Of the 281 enrolled patients, 277 received some study medication. At the follow-up visits, these patients completed a symptom checklist evaluating adverse events. Nearly half (48%) of the patients reported at least one adverse event. In the clindamycin group, 41 (30.1%) of 136 participants reported adverse events considered to be drug related, whereas 31 (22%) of 141 women who used triple sulfonamide cream reported a drug-related adverse event (P > 0.1). The adverse events reported by five or more participating women are listed in Table 6. No statistically significant differences were found between treatment groups in the incidence of any of these adverse events. Symptomatic vulvovaginal candidiasis developed after treatment in 15 women who received clindamycin cream and in 16 women who received triple sulfonamide cream.

Table 6
Table 6:
Adverse Experiences Reported by Five or More Patients Who Received Clindamycin Vaginal Cream or Triple Sulfonamide Vaginal Cream for the Treatment of Bacterial Vaginosis

Discussion

The purpose of this study was to compare clindamycin vaginal cream with triple sulfonamide vaginal cream in the treatment of bacterial vaginosis. Clindamycin vaginal cream was more effective than triple sulfonamide vaginal cream. After treatment with clindamycin vaginal cream, clinical cure or improvement was noted in approximately 70% of patients. Another multicenter study 16 that used similar diagnostic criteria to evaluate clinical outcomes reported similar results with intravaginal clindamycin cream.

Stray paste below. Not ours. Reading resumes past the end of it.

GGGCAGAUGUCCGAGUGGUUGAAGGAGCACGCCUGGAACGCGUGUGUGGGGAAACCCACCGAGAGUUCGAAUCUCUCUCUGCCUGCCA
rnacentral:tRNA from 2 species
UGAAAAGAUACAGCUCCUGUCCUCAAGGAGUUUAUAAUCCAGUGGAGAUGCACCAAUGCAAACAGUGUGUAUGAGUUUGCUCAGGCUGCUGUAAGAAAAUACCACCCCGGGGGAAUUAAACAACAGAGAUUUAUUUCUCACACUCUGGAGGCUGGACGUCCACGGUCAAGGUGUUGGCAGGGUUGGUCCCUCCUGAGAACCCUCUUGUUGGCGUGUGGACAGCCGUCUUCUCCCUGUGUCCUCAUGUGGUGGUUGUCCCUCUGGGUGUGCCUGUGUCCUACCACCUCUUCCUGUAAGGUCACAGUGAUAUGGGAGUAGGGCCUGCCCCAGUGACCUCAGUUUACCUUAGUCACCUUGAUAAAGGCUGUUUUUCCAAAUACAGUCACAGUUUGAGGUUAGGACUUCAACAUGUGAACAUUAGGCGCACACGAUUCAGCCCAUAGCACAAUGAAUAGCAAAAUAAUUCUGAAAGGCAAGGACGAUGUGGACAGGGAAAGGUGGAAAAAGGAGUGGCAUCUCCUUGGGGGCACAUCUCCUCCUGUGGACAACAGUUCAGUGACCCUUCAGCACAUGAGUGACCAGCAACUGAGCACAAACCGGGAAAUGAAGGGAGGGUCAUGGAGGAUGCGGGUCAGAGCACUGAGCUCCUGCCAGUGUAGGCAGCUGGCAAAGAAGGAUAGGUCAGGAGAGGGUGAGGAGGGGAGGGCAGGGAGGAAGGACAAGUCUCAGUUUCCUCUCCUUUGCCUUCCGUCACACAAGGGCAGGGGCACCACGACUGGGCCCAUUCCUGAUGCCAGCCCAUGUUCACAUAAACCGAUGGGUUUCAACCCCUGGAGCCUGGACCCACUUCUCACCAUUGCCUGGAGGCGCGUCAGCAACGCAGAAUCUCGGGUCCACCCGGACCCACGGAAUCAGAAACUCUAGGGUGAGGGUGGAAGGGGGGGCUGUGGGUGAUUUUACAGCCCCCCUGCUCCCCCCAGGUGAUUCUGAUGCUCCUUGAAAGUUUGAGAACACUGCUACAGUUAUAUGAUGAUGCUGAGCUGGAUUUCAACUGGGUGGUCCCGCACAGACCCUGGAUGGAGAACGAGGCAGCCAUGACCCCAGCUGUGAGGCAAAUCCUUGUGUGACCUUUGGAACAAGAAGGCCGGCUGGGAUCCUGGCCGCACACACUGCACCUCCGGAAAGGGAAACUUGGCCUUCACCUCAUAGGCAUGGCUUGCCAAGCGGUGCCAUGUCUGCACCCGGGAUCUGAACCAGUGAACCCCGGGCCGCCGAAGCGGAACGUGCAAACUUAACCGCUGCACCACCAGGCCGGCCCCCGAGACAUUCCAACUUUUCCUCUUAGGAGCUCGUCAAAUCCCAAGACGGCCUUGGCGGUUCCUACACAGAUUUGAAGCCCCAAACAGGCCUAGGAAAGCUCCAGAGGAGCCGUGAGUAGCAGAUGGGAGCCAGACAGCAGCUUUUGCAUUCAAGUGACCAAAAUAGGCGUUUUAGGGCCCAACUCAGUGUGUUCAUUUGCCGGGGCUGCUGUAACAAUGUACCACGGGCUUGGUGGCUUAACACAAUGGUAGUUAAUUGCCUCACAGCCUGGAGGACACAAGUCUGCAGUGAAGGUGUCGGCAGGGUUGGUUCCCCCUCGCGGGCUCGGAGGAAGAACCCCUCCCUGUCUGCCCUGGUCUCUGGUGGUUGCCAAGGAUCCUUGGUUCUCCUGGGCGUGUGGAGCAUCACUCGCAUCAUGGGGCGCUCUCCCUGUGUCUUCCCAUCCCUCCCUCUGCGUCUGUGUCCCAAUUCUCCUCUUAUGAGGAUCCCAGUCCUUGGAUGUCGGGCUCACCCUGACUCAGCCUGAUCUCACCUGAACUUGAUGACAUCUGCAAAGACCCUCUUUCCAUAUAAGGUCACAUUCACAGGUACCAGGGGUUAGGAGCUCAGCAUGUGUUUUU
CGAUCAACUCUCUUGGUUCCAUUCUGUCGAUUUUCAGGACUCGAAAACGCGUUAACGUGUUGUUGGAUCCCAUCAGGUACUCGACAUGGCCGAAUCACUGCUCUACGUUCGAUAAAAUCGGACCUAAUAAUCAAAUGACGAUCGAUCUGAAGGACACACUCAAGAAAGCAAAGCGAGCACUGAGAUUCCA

Because more patients in the triple sulfonamide group reported previous episodes of bacterial vaginosis, the data were analyzed for patients with and those without a history of bacterial vaginosis. Most of the difference between treatment groups occurred in patients with prior bacterial vaginosis. Indeed, among patients who did not report a previous episode of bacterial vaginosis, clindamycin vaginal cream and triple sulfonamide vaginal cream efficacy rates were similar. In contrast, clindamycin cream was particularly more effective than triple sulfonamide cream among women who reported prior episodes of bacterial vaginosis. For example, only 6 (16.7%) of 36 clindamycin recipients with a history of bacterial vaginosis were classified as relapses or failures, as compared with 33 (64.7%) of 51 such women who used triple sulfonamide cream (Table 2).